Peace, David - '1983'
Finally we get to the final part of Peace's amazing masterpiece.
The Yorkshire Ripper is behind bars, a convicted child-killer is seeking an appeal, the Yorkshire police are as corrupt and dangerous as usual. But things are coming to boiling point and soon everything will be different.
Here our narrators are Maurice Jobson, the senior policeman whose corruption and brutality runs through all the books; John Pigott, a lawyer from the first volume; and BJ the rent boy who has made minor appearances through all the volumes.
Slowly at first and then with increasing speed the dovetailed storylines reveal exactly what happened back in 1977, through a bewildering series of flashbacks and reports from differing viewpoints. So thick and fast do the narrative changes come that it is not always clear exactly who did what and to whom. The effect is like a juggernaut running out of control, careering towards the inevitable crash. Peace however is in total control of what he's doing, leading us back over the events of the previous books (1974, 1977 and 1980), revealing insignificant details that suddenly loom large in the light of more recent events. It's the reader who feels out of control as the pace quickens and the realisation of exactly what's been going on over the past three books begins to dawn.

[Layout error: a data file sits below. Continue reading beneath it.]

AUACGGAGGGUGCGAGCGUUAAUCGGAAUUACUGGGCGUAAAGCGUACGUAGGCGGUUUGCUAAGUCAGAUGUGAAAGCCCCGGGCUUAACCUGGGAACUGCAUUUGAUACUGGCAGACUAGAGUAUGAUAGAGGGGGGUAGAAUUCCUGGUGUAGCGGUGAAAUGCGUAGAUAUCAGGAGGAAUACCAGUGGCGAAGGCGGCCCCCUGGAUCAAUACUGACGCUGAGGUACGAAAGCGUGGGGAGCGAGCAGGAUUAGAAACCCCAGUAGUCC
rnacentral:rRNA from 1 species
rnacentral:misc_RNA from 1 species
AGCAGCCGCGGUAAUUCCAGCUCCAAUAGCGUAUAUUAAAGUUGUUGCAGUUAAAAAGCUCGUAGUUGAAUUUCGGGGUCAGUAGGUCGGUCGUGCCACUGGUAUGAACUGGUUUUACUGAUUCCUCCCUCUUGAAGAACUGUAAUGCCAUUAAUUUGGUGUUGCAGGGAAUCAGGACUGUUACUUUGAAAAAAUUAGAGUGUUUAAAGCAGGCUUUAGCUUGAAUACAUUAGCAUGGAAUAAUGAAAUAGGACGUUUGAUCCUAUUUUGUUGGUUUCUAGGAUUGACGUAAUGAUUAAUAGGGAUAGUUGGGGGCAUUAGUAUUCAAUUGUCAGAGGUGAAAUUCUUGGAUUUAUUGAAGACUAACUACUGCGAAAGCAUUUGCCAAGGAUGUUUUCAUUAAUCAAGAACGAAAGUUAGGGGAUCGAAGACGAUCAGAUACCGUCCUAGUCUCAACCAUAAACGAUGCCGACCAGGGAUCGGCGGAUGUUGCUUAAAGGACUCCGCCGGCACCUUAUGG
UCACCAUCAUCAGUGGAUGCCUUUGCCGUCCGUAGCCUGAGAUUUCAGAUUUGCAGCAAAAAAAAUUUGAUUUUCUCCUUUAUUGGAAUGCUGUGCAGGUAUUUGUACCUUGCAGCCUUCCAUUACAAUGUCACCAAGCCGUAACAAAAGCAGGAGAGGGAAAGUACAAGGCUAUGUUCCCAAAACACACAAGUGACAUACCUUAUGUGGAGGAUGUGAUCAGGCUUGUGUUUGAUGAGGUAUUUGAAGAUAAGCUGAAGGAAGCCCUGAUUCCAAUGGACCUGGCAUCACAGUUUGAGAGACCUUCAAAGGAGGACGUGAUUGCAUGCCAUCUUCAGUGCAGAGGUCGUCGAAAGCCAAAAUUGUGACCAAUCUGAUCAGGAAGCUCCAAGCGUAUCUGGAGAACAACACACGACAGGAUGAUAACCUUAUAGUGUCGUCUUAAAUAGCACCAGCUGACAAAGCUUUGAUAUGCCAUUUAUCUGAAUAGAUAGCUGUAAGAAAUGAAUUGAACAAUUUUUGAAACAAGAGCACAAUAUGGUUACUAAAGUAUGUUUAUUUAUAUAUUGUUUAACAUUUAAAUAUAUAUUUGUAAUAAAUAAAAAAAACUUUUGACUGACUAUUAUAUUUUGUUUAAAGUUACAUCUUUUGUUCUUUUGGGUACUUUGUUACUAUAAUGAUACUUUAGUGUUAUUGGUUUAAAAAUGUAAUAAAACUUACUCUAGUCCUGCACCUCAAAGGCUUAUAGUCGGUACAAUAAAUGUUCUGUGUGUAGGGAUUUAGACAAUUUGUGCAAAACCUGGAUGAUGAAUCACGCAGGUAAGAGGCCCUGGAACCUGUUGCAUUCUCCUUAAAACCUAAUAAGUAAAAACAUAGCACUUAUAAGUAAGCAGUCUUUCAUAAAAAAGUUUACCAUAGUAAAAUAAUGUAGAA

These are not easy books to read. Let your attention wander for just a moment and you're lost in the sprawling maze of characters and plot-lines and multiple narrative voices. But stick with it and, trust me, it's worth it. Peace paints a bleak and depressing world though. It's a place where the women are casually disregarded, are abused and discarded; where the men are for the most part venal and immoral; where death is unimportant and you cannot trust in the police. It's not a world where I'd want to spend much time but it held me gripped through all four books which is a testament to the quality of the writing. Would I recommend these books? Without a doubt.
Pat Austin, England